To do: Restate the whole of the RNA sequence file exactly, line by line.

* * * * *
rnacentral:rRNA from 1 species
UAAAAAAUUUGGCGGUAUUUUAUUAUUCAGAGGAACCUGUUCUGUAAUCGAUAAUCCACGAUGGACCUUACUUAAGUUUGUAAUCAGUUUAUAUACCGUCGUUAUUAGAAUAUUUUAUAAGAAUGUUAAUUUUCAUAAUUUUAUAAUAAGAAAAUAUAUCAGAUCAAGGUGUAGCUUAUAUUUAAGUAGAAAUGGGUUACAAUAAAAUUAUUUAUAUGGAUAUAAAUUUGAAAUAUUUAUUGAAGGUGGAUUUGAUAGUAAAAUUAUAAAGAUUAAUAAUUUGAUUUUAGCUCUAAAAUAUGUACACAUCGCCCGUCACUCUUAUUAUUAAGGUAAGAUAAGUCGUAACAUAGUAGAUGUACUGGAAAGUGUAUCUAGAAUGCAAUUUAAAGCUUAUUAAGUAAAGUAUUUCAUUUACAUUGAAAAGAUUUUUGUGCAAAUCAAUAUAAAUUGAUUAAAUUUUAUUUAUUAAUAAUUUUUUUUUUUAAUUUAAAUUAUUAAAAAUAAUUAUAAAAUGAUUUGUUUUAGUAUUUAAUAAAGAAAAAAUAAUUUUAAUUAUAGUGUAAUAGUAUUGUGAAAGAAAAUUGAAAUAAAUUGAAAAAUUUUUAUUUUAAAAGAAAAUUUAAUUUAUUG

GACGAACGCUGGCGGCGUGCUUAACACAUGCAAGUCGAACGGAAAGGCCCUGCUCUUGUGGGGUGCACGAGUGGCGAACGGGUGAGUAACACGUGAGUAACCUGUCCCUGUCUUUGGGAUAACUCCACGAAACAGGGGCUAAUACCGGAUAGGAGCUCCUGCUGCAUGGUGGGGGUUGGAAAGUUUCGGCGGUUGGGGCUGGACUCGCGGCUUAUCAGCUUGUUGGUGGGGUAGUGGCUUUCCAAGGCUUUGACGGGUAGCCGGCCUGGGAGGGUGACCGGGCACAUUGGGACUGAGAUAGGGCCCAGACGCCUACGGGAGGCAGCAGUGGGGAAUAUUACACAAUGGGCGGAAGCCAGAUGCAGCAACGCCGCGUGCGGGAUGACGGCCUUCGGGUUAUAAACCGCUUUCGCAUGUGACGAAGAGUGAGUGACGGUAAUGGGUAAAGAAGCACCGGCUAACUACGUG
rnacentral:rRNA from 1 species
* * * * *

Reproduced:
rnacentral:rRNA from 1 species
UAAAAAAUUUGGCGGUAUUUUAUUAUUCAGAGGAACCUGUUCUGUAAUCGAUAAUCCACGAUGGACCUUACUUAAGUUUGUAAUCAGUUUAUAUACCGUCGUUAUUAGAAUAUUUUAUAAGAAUGUUAAUUUUCAUAAUUUUAUAAUAAGAAAAUAUAUCAGAUCAAGGUGUAGCUUAUAUUUAAGUAGAAAUGGGUUACAAUAAAAUUAUUUAUAUGGAUAUAAAUUUGAAAUAUUUAUUGAAGGUGGAUUUGAUAGUAAAAUUAUAAAGAUUAAUAAUUUGAUUUUAGCUCUAAAAUAUGUACACAUCGCCCGUCACUCUUAUUAUUAAGGUAAGAUAAGUCGUAACAUAGUAGAUGUACUGGAAAGUGUAUCUAGAAUGCAAUUUAAAGCUUAUUAAGUAAAGUAUUUCAUUUACAUUGAAAAGAUUUUUGUGCAAAUCAAUAUAAAUUGAUUAAAUUUUAUUUAUUAAUAAUUUUUUUUUUUAAUUUAAAUUAUUAAAAAUAAUUAUAAAAUGAUUUGUUUUAGUAUUUAAUAAAGAAAAAAUAAUUUUAAUUAUAGUGUAAUAGUAUUGUGAAAGAAAAUUGAAAUAAAUUGAAAAAUUUUUAUUUUAAAAGAAAAUUUAAUUUAUUG

GACGAACGCUGGCGGCGUGCUUAACACAUGCAAGUCGAACGGAAAGGCCCUGCUCUUGUGGGGUGCACGAGUGGCGAACGGGUGAGUAACACGUGAGUAACCUGUCCCUGUCUUUGGGAUAACUCCACGAAACAGGGGCUAAUACCGGAUAGGAGCUCCUGCUGCAUGGUGGGGGUUGGAAAGUUUCGGCGGUUGGGGCUGGACUCGCGGCUUAUCAGCUUGUUGGUGGGGUAGUGGCUUUCCAAGGCUUUGACGGGUAGCCGGCCUGGGAGGGUGACCGGGCACAUUGGGACUGAGAUAGGGCCCAGACGCCUACGGGAGGCAGCAGUGGGGAAUAUUACACAAUGGGCGGAAGCCAGAUGCAGCAACGCCGCGUGCGGGAUGACGGCCUUCGGGUUAUAAACCGCUUUCGCAUGUGACGAAGAGUGAGUGACGGUAAUGGGUAAAGAAGCACCGGCUAACUACGUG
rnacentral:rRNA from 1 species